I've mentioned before that I joined a sorority in the fall and I'm not sure if it would be appropriate for me to state which sorority it is that I belong to, not that I have anything negative to say about it! On the contrary, I'm writing today about a package I received from my best friend, Michelle, her mother, and my sorority sisters.
I had been told by two of my sisters that they had gotten cards signed for me and were sending them over, but it still was an amazingly pleasant surprise when I came home from my Japanese Philosophy study session (which consisted of three students asking a question, with the professor answering those three questions over an entire hour) and saw this giant box inside my apartment door.
The cards were simple birthday cards, and there was nothing overly profound written inside them, but it was seeing all their signatures and hearing that they missed me that really touched my heart.
Looking at me, I'm not the "sorority type," which there is such a thing to many people. I may have blond hair and am petite, but in no way am I some crazy party girl (not all the time at least...), drink constantly with frat boys, or am drop-dead-gorgeous. However, I'm not trying to say I think I'm ugly, just that I'm not that stereotypical pretty and am more, as a friend once put it, "quirky cute."
The truth is though that sororities aren't all about parties, boys, makeup, and naked pillow fights (sorry for the fantasy-ruin-er, men). These girls are kind, compassionate, hilarious, generous, and know how to have a good time completely sober, which cannot be said for most other college students I know. I was worried when I first pledged; what if the girls didn't like me? What if it turned out I made a horrible mistake and am stuck now forever? Thankfully, this has turned out to be far from reality.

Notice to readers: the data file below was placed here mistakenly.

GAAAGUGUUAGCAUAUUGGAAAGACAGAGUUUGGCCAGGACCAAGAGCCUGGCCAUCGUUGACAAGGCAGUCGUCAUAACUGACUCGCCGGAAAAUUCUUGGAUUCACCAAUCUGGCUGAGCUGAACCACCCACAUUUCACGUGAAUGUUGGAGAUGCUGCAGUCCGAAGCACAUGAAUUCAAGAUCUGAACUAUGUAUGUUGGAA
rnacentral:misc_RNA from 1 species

My fondest memories with my sisters from the fall are not in bars or parties, but from my new member retreat, eating greasy food and watching movies late into the night, going over to the house to watch Glee on Tuesdays, decorating cupcakes, coffee dates, semiformal, and making gingerbread houses. This fall I gained seventy-some new friends, and I cannot imagine my life without them. I miss them terribly and can't wait to see them all in the fall for recruitment.
People look at me weird when I tell them I'm in a sorority, a confused look that says, "Really? You don't seem like an idiot slut to me!" It makes me sad that this is how we're viewed and even sadder that this is how I viewed sorority girls myself before I became one. Someone once asked me if I was embarrassed to wear my letters on campus or to lectures for fear that teachers wouldn't take me seriously.
No, not for one second.
I wear my letters and lavaliere on campus and to classes, in Ireland as well, with pride and have never been shown disrespect from any teacher or professional; it is only the students who seem to have a problem with the group of which I am a part. I hope that people can open their eyes up to Sorority Life and even if it isn't for them, at least to recognize that we are not bad or stupid people. We are college students and girls, just like you, just with a few Greek letters on our shirts.
I'm glad I joined my sorority. I wouldn't trade it or my sisters for anything.